Here it is: the entry to the Real Simple writing contest that DIDN'T win. Boo hoo!
The first memory I have of my mother is when I was four years old. I think she had asked to visit me, but she and my father had such a contentious divorce that he didn't trust her to be alone with me, and since I'd only been 18 months old when we were separated, he may have been worried about how I'd fare when I saw her again. All I have now is a vision of us walking up a path in the mountains holding hands. After that, she left again, and only appeared sporadically in my life. My father and my grandmother raised me together, even though their houses were 4 miles apart. Granny did everything for me. I followed her around the house all day like a little shadow and as she used to say, "hung on her coat-tails and got into everything!" In the summers I helped her shell peas, shuck corn, pull weeds and peel tomatoes for canning. In the winters, we'd sit by the fire and watch Wheel of Fortune and The Golden Girls. The commercial breaks were her opportunity to tell me stories, and that she did, one after another all of my life. She taught me the Lord's Prayer when I was three, taught me to iron when I was only ten, expressed her disapproval when I wanted to shave my legs at thirteen, took me shopping for maxi-pads that same year, and helped me to learn to drive when I was 14 and she was 71. When I was ten and came home from school with tears in my eyes because I'd realized that the knuckles of my middle finger was bigger than the other knuckles she patiently explained that I had pretty hands, my mother's hands in fact, and that my knuckle was just the way it should be.
Granny was a simple woman. She wasn't very social. She didn't "keep up with the Jones'. She wore no makeup, had very little money, and lived in a tiny house that cost all of seven thousand dollars to build. But she taught me to believe in myself and in what I could do and experience in the world. Herself a retired seamstress and homemaker, she still believed that I could find my way in life, my own path to success, by never letting anyone else get me down. She rarely went to church in her older years, but she was a Godly woman, often quoting the Bible or simply sitting quietly in her chair reading it.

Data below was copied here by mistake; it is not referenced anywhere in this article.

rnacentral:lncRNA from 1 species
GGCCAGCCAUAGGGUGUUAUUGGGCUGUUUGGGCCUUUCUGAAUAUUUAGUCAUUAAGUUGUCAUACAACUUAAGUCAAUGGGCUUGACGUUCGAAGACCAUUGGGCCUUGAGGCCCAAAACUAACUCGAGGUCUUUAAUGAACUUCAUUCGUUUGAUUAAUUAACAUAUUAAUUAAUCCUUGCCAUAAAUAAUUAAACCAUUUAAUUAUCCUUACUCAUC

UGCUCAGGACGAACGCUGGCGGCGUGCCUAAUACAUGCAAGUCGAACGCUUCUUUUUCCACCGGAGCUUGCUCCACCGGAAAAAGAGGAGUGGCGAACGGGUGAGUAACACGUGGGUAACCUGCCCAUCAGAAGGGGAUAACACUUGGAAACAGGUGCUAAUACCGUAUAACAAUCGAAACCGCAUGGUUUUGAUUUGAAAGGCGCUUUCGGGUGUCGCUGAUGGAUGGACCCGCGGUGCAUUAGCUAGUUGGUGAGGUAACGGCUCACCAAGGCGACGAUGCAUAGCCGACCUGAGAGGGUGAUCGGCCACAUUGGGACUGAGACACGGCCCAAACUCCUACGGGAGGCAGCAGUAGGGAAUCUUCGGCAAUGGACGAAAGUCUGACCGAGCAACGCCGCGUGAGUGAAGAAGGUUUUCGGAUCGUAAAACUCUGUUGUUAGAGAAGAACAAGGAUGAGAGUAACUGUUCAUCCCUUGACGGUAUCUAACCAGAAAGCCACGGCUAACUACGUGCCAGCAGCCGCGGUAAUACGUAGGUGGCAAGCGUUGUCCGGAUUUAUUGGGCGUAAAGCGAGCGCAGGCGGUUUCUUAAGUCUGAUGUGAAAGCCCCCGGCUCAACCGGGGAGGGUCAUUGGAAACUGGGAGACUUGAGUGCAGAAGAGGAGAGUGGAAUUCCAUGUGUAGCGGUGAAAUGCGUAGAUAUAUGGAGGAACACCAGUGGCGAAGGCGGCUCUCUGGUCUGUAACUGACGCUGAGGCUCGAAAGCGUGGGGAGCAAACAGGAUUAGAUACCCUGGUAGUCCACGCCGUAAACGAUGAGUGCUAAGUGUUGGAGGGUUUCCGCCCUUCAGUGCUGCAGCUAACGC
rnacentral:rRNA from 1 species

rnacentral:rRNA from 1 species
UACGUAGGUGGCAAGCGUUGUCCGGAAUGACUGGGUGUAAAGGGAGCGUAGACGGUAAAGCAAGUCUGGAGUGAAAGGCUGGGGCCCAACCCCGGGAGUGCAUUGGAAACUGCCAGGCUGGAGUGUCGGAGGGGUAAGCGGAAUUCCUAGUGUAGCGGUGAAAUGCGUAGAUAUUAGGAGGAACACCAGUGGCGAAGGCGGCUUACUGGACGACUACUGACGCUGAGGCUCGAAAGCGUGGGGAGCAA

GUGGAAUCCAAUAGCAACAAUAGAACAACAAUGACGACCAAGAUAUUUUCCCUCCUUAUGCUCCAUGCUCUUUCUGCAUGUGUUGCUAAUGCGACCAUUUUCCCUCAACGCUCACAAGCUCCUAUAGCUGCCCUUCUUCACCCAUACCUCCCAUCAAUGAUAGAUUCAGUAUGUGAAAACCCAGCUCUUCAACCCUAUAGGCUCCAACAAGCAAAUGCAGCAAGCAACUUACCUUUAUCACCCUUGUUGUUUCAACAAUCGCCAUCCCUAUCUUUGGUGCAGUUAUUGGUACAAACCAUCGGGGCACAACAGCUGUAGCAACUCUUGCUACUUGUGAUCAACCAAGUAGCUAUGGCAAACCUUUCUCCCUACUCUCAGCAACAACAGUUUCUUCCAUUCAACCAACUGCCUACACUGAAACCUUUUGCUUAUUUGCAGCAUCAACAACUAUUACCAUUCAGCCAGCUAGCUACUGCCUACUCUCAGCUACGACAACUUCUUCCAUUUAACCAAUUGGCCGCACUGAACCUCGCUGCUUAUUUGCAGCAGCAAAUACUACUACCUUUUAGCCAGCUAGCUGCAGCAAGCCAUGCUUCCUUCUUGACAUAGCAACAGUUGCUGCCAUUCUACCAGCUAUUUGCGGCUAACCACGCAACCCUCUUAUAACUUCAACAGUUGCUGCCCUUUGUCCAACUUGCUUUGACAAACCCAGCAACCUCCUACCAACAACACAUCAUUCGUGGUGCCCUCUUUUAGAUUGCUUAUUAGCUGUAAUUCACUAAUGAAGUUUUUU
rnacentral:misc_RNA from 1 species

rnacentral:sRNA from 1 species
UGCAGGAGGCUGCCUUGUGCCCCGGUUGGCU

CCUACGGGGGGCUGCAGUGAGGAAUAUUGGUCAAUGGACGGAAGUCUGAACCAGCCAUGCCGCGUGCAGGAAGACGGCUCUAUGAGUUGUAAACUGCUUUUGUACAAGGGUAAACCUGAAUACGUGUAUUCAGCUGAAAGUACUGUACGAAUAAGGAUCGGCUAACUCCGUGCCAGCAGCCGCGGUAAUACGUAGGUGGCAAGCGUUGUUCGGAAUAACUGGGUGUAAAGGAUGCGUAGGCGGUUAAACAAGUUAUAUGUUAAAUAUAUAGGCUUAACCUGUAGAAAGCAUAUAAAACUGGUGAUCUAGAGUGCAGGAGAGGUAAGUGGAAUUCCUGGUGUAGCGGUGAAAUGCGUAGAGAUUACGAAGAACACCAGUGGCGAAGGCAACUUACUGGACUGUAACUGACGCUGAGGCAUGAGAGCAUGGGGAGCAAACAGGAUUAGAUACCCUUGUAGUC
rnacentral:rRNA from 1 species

Her youngest son died suddenly when he was only 28. He had lived with her up until then, and kind of taken care of her as much as she took care of all of us. But when he was gone, I think a light went out in Granny. An inevitable sadness came over her and settled in. She stopped eating enough and grew frail. At sixteen and at the urging of my father, I packed up my room and moved in with her. For the next three years we were two peas in a pod. We'd cook supper for my dad and brother and afterward all of us would sit around the table and talk about our day. When night fell over our little house in the country, and it was just me and her and the quiet ticking of the clock on the wall, she'd sometimes ask me to crawl in the bed next to her. She'd whisper old bedtime stories in my ear - ones that she had used to get me to sleep at night when I was a baby. Or she'd tell me about how much she loved me. She told me over and over again to never forget how much she loved me.